I also have a lot of personal things going on right now, so life has been kind of crazy for the last week.  Don't worry, though. While I'm not ready to go into detail about it yet, it's good stuff.

What would you like to celebrate?




Thursday, April 28, 2016

X is for X-Ray

This year for the A-Z Challenge, I'm attempting to act like I know what I'm talking about and offering advice about writing.  Let's see how I do!

Also, don't forget to stop by the Parallels blog to see more posts about the upcoming anthology, which will be available on May 3rd!

Please consider supporting our Thunderclap campaign!




Every time we get to the letter X, I feel like I’m stretching the word I use to make my point.  Anyway, I’m using a medical metaphor to complete this post.

In order to tell an engaging story, you need to examine the bones of it, i.e. the plot.  X-ray it.  That means going over the plot structure with a critical eye.  You may have a strong plot that leads from a solid beginning to an equally solid ending.  There may be subplots branching off from the main one like peripheral nerves.  Check them all.

Perhaps I’ve taken this anatomical connection too far, but hopefully you’ll get my point.

You can write beautiful prose and solid characters, but don’t neglect the central structure of the story.  The plot needs to be coherent, and you can’t have any gaping plot holes.  Believe me, readers will eventually pick up on them, and they expect better from you than that.  People who don’t use a thorough outline, but rather go with the story as it unfolds, need to be especially careful.  Certain elements can get away from you if you’re not looking.  You don’t want any structural issues to slip through the cracks.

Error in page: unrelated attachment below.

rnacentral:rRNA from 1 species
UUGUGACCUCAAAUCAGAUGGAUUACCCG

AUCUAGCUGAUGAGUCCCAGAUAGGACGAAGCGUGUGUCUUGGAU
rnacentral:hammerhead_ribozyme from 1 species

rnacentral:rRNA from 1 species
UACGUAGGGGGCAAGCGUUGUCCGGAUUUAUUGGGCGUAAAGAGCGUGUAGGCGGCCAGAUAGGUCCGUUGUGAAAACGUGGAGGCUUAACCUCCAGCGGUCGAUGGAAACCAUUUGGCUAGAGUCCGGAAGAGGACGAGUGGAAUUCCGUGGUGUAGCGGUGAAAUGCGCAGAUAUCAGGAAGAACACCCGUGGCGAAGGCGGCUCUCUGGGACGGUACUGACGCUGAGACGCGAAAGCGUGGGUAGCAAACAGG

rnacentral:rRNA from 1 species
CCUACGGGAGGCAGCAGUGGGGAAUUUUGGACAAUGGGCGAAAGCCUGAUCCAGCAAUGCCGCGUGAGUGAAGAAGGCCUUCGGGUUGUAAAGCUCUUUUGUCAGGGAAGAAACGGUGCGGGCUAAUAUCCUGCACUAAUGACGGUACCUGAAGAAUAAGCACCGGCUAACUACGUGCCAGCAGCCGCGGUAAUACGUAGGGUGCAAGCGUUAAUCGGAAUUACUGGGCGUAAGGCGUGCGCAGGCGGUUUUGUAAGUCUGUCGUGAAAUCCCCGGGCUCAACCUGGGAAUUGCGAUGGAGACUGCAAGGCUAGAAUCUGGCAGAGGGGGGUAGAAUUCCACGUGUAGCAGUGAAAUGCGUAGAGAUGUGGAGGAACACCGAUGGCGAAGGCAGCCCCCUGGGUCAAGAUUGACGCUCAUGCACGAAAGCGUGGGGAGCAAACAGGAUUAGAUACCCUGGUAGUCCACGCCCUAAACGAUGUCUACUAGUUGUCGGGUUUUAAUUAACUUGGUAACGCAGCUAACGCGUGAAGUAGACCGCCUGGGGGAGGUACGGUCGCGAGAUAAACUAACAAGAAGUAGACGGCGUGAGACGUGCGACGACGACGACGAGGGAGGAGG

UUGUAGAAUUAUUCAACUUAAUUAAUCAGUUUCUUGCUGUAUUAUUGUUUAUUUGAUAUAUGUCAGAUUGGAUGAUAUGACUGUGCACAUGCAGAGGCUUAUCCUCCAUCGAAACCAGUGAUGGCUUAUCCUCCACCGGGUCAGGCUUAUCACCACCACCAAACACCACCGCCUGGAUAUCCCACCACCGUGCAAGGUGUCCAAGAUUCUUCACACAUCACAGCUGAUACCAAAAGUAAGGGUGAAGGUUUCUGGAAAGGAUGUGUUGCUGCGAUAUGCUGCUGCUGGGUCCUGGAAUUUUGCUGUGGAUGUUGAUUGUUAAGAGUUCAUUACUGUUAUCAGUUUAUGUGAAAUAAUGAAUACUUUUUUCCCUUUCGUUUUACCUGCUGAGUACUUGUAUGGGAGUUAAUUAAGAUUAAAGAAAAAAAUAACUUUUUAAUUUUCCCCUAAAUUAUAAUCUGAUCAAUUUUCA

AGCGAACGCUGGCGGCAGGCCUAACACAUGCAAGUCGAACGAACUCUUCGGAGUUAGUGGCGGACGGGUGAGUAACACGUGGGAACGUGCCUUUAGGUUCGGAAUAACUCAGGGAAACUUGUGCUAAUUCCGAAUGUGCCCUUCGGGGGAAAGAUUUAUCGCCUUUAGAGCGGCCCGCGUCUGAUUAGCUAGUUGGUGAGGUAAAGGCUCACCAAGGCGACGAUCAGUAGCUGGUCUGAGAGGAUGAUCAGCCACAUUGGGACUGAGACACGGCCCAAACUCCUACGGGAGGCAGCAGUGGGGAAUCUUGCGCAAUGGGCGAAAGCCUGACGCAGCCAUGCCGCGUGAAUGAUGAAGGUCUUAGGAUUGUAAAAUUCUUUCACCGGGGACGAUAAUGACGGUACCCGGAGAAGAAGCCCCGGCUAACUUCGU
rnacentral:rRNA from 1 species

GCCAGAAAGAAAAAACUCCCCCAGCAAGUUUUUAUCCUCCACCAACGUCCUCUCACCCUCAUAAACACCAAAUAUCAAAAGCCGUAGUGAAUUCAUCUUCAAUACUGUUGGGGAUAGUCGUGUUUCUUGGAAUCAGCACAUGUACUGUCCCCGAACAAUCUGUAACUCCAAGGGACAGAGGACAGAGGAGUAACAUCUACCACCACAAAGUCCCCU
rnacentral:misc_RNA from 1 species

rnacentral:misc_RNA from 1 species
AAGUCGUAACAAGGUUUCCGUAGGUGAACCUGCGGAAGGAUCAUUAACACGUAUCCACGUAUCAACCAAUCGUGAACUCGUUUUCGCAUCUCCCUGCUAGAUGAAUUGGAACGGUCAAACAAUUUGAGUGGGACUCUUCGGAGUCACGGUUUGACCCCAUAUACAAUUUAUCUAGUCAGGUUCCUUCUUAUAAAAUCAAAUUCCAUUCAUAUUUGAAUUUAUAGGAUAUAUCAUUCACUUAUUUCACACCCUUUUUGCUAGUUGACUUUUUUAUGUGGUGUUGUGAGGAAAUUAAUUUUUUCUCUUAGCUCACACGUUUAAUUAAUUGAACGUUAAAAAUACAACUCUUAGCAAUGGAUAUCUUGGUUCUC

Wednesday, April 27, 2016

W is for Work

This year for the A-Z Challenge, I'm attempting to act like I know what I'm talking about and offering advice about writing.  Let's see how I do!

Also, don't forget to stop by the Parallels blog to see more posts about the upcoming anthology, which will be available on May 3rd!

Please consider supporting our Thunderclap campaign!




If you want to make writing into a career, you need to treat it like a job.  Perhaps you can’t treat it like a full-time job due to work and family commitments.  That’s okay.  When you’re trying to gain traction as a writer, it’s going to be a juggling act.  Nevertheless, whatever else you need to do in your life, you need to make a place for your writing.

Set aside a block or two of time each week to write, even if it’s only an hour a week.  Treat that time commitment like another job.  During that time, barring illness or emergency, you need to work.  This is, after all, the career you want.  You owe it to yourself to make that commitment.  If you treat that time as dispensable, you’ll be cheating yourself.

As with any other job, writing requires dedication and discipline, especially since you’re the only one holding yourself accountable.  The good news is that writing, while difficult, can also be quite fun and rewarding.  It’ll be worth the effort you put into it, so you may as well give it the best you’ve got.



Tuesday, April 26, 2016

V is for Vacation

This year for the A-Z Challenge, I'm attempting to act like I know what I'm talking about and offering advice about writing.  Let's see how I do!

Also, don't forget to stop by the Parallels blog to see more posts about the upcoming anthology, which will be available on May 3rd!

Please consider supporting our Thunderclap campaign!




Writers can go through stretches of great output, and these prolific times can result in lots of wonderful stories.  They can also, occasionally, result in burnout.  The words stop coming.  The story stalls, and you feel like you’re drowning.  You may find yourself at the point where you feel the pressure to write something even though you’d rather yank your hair out by the roots and run through the yard screaming.